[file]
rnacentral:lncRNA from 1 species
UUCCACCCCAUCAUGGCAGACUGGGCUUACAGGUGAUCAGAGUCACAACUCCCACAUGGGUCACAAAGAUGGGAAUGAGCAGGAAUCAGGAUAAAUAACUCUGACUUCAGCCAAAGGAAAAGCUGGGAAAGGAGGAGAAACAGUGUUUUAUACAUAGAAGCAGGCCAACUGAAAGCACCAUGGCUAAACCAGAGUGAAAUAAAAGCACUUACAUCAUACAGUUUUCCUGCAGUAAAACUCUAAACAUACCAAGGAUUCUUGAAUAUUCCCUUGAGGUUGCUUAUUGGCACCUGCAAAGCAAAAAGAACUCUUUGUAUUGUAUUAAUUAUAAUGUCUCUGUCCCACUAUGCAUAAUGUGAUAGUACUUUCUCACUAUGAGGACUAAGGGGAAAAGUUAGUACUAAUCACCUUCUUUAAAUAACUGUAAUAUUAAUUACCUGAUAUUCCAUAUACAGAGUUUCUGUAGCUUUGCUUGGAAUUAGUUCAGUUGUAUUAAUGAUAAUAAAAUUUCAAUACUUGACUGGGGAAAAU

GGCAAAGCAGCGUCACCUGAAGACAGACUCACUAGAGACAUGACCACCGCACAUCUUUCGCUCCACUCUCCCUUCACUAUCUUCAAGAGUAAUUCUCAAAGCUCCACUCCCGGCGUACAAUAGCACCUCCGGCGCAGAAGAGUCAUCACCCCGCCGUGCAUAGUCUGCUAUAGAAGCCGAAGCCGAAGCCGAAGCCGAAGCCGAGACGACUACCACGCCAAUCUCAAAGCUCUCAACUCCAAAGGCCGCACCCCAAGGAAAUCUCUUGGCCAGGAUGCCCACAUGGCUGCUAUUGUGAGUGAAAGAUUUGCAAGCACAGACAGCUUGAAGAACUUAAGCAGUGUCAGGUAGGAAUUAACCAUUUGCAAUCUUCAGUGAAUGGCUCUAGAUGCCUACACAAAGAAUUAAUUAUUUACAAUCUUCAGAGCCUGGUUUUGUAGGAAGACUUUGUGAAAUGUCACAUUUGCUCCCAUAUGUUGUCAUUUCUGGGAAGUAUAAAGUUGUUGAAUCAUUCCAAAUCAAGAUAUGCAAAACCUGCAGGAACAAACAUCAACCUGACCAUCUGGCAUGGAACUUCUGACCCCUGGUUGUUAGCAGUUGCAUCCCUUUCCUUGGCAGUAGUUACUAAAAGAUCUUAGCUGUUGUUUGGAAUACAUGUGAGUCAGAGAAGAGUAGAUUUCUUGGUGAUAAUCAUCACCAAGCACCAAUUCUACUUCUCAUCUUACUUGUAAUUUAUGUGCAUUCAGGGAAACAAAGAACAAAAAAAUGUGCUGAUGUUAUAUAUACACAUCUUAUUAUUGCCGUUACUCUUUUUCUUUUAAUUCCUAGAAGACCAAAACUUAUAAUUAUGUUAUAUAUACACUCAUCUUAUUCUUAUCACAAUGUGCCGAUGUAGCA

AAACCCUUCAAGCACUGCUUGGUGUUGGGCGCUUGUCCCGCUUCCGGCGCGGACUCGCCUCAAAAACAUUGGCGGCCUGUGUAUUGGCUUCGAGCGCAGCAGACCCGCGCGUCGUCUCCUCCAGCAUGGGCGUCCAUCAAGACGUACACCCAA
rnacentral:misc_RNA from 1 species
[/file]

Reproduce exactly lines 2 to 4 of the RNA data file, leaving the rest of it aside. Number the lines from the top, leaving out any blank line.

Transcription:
UUCCACCCCAUCAUGGCAGACUGGGCUUACAGGUGAUCAGAGUCACAACUCCCACAUGGGUCACAAAGAUGGGAAUGAGCAGGAAUCAGGAUAAAUAACUCUGACUUCAGCCAAAGGAAAAGCUGGGAAAGGAGGAGAAACAGUGUUUUAUACAUAGAAGCAGGCCAACUGAAAGCACCAUGGCUAAACCAGAGUGAAAUAAAAGCACUUACAUCAUACAGUUUUCCUGCAGUAAAACUCUAAACAUACCAAGGAUUCUUGAAUAUUCCCUUGAGGUUGCUUAUUGGCACCUGCAAAGCAAAAAGAACUCUUUGUAUUGUAUUAAUUAUAAUGUCUCUGUCCCACUAUGCAUAAUGUGAUAGUACUUUCUCACUAUGAGGACUAAGGGGAAAAGUUAGUACUAAUCACCUUCUUUAAAUAACUGUAAUAUUAAUUACCUGAUAUUCCAUAUACAGAGUUUCUGUAGCUUUGCUUGGAAUUAGUUCAGUUGUAUUAAUGAUAAUAAAAUUUCAAUACUUGACUGGGGAAAAU

GGCAAAGCAGCGUCACCUGAAGACAGACUCACUAGAGACAUGACCACCGCACAUCUUUCGCUCCACUCUCCCUUCACUAUCUUCAAGAGUAAUUCUCAAAGCUCCACUCCCGGCGUACAAUAGCACCUCCGGCGCAGAAGAGUCAUCACCCCGCCGUGCAUAGUCUGCUAUAGAAGCCGAAGCCGAAGCCGAAGCCGAAGCCGAGACGACUACCACGCCAAUCUCAAAGCUCUCAACUCCAAAGGCCGCACCCCAAGGAAAUCUCUUGGCCAGGAUGCCCACAUGGCUGCUAUUGUGAGUGAAAGAUUUGCAAGCACAGACAGCUUGAAGAACUUAAGCAGUGUCAGGUAGGAAUUAACCAUUUGCAAUCUUCAGUGAAUGGCUCUAGAUGCCUACACAAAGAAUUAAUUAUUUACAAUCUUCAGAGCCUGGUUUUGUAGGAAGACUUUGUGAAAUGUCACAUUUGCUCCCAUAUGUUGUCAUUUCUGGGAAGUAUAAAGUUGUUGAAUCAUUCCAAAUCAAGAUAUGCAAAACCUGCAGGAACAAACAUCAACCUGACCAUCUGGCAUGGAACUUCUGACCCCUGGUUGUUAGCAGUUGCAUCCCUUUCCUUGGCAGUAGUUACUAAAAGAUCUUAGCUGUUGUUUGGAAUACAUGUGAGUCAGAGAAGAGUAGAUUUCUUGGUGAUAAUCAUCACCAAGCACCAAUUCUACUUCUCAUCUUACUUGUAAUUUAUGUGCAUUCAGGGAAACAAAGAACAAAAAAAUGUGCUGAUGUUAUAUAUACACAUCUUAUUAUUGCCGUUACUCUUUUUCUUUUAAUUCCUAGAAGACCAAAACUUAUAAUUAUGUUAUAUAUACACUCAUCUUAUUCUUAUCACAAUGUGCCGAUGUAGCA

AAACCCUUCAAGCACUGCUUGGUGUUGGGCGCUUGUCCCGCUUCCGGCGCGGACUCGCCUCAAAAACAUUGGCGGCCUGUGUAUUGGCUUCGAGCGCAGCAGACCCGCGCGUCGUCUCCUCCAGCAUGGGCGUCCAUCAAGACGUACACCCAA